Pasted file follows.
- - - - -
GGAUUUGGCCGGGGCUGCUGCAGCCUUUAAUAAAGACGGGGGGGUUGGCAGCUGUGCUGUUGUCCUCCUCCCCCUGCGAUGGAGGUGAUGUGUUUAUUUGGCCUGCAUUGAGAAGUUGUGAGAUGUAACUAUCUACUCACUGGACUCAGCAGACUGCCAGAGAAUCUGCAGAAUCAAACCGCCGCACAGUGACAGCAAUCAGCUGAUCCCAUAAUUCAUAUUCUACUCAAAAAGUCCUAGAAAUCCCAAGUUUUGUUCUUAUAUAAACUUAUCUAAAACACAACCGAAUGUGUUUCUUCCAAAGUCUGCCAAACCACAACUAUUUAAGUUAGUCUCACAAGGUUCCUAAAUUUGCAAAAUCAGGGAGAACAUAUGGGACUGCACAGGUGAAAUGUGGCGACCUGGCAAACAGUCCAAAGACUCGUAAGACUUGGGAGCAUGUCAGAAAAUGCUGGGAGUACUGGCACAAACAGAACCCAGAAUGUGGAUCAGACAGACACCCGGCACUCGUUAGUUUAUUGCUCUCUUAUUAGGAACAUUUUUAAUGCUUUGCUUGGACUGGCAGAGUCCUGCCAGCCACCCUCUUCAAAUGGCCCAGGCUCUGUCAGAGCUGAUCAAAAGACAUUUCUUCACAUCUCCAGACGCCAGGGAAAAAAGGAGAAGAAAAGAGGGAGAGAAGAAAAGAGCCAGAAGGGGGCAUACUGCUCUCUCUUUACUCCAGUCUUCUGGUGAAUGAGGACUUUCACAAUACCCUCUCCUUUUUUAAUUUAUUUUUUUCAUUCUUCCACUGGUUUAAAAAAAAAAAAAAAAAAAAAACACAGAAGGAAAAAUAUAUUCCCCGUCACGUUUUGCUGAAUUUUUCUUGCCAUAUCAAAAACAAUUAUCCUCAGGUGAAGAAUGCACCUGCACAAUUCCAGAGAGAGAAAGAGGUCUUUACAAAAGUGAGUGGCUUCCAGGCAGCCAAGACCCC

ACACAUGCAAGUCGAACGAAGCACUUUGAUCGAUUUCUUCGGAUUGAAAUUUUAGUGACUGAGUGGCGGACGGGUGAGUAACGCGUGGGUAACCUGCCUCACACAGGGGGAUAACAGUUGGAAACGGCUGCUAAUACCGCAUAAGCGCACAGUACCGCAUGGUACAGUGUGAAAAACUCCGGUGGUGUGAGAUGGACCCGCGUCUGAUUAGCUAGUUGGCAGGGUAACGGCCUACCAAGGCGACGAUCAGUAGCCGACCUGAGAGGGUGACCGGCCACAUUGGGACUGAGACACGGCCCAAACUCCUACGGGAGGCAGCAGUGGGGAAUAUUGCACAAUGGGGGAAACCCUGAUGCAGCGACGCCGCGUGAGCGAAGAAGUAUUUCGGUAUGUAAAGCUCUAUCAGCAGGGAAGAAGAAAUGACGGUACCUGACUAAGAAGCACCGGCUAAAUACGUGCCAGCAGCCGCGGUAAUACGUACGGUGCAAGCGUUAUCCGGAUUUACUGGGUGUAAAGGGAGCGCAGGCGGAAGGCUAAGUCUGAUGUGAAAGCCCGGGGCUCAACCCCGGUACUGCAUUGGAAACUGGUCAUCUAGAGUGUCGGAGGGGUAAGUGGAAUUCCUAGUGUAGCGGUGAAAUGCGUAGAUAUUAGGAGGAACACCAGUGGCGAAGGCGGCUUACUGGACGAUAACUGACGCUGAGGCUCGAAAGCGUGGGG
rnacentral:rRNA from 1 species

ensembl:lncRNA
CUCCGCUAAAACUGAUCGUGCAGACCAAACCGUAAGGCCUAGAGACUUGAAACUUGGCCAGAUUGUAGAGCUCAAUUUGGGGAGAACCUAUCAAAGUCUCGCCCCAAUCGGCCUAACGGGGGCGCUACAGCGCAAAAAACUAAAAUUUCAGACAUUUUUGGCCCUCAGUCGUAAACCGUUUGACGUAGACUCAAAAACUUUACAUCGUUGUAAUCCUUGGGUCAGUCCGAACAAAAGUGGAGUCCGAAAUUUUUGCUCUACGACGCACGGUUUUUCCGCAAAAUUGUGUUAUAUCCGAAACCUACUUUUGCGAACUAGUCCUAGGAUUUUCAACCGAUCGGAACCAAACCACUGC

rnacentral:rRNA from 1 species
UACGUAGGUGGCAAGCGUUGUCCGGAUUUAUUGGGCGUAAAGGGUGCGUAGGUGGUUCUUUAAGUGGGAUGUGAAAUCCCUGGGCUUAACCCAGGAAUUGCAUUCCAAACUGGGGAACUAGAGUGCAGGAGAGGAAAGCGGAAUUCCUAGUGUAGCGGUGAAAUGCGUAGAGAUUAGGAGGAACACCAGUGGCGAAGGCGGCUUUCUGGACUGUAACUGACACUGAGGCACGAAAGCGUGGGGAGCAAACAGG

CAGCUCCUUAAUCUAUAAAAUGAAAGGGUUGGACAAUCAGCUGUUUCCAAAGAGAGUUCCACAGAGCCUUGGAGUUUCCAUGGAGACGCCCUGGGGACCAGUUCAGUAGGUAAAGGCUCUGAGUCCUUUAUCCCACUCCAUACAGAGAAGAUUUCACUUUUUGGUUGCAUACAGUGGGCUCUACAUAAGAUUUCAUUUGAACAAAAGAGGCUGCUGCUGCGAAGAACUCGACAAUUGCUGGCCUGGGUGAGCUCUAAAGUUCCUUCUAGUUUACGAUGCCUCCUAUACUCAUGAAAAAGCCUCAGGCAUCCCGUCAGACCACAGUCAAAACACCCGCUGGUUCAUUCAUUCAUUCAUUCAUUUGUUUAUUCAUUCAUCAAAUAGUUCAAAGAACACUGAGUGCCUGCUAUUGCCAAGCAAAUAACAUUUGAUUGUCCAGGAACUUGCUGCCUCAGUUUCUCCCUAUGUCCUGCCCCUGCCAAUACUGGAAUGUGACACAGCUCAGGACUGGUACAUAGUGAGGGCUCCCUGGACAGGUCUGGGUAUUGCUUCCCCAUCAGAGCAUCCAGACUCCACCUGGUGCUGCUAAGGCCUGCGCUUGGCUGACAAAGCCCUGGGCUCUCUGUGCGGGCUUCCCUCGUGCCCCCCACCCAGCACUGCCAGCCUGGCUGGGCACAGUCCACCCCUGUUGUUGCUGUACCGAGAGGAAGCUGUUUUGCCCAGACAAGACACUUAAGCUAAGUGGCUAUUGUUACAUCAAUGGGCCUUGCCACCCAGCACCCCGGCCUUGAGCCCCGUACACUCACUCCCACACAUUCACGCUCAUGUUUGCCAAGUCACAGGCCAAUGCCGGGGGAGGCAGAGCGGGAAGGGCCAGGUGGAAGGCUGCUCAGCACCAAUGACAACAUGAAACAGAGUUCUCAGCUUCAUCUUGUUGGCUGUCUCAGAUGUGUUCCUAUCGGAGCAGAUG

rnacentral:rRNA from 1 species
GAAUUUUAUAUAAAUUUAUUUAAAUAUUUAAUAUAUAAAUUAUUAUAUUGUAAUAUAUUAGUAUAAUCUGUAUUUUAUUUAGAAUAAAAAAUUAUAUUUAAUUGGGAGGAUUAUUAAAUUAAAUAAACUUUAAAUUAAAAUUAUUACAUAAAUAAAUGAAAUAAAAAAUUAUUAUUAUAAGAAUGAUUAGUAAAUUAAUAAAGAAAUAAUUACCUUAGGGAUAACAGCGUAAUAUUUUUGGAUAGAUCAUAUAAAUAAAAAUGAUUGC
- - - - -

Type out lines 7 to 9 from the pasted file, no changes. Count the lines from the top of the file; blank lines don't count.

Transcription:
UACGUAGGUGGCAAGCGUUGUCCGGAUUUAUUGGGCGUAAAGGGUGCGUAGGUGGUUCUUUAAGUGGGAUGUGAAAUCCCUGGGCUUAACCCAGGAAUUGCAUUCCAAACUGGGGAACUAGAGUGCAGGAGAGGAAAGCGGAAUUCCUAGUGUAGCGGUGAAAUGCGUAGAGAUUAGGAGGAACACCAGUGGCGAAGGCGGCUUUCUGGACUGUAACUGACACUGAGGCACGAAAGCGUGGGGAGCAAACAGG

CAGCUCCUUAAUCUAUAAAAUGAAAGGGUUGGACAAUCAGCUGUUUCCAAAGAGAGUUCCACAGAGCCUUGGAGUUUCCAUGGAGACGCCCUGGGGACCAGUUCAGUAGGUAAAGGCUCUGAGUCCUUUAUCCCACUCCAUACAGAGAAGAUUUCACUUUUUGGUUGCAUACAGUGGGCUCUACAUAAGAUUUCAUUUGAACAAAAGAGGCUGCUGCUGCGAAGAACUCGACAAUUGCUGGCCUGGGUGAGCUCUAAAGUUCCUUCUAGUUUACGAUGCCUCCUAUACUCAUGAAAAAGCCUCAGGCAUCCCGUCAGACCACAGUCAAAACACCCGCUGGUUCAUUCAUUCAUUCAUUCAUUUGUUUAUUCAUUCAUCAAAUAGUUCAAAGAACACUGAGUGCCUGCUAUUGCCAAGCAAAUAACAUUUGAUUGUCCAGGAACUUGCUGCCUCAGUUUCUCCCUAUGUCCUGCCCCUGCCAAUACUGGAAUGUGACACAGCUCAGGACUGGUACAUAGUGAGGGCUCCCUGGACAGGUCUGGGUAUUGCUUCCCCAUCAGAGCAUCCAGACUCCACCUGGUGCUGCUAAGGCCUGCGCUUGGCUGACAAAGCCCUGGGCUCUCUGUGCGGGCUUCCCUCGUGCCCCCCACCCAGCACUGCCAGCCUGGCUGGGCACAGUCCACCCCUGUUGUUGCUGUACCGAGAGGAAGCUGUUUUGCCCAGACAAGACACUUAAGCUAAGUGGCUAUUGUUACAUCAAUGGGCCUUGCCACCCAGCACCCCGGCCUUGAGCCCCGUACACUCACUCCCACACAUUCACGCUCAUGUUUGCCAAGUCACAGGCCAAUGCCGGGGGAGGCAGAGCGGGAAGGGCCAGGUGGAAGGCUGCUCAGCACCAAUGACAACAUGAAACAGAGUUCUCAGCUUCAUCUUGUUGGCUGUCUCAGAUGUGUUCCUAUCGGAGCAGAUG

rnacentral:rRNA from 1 species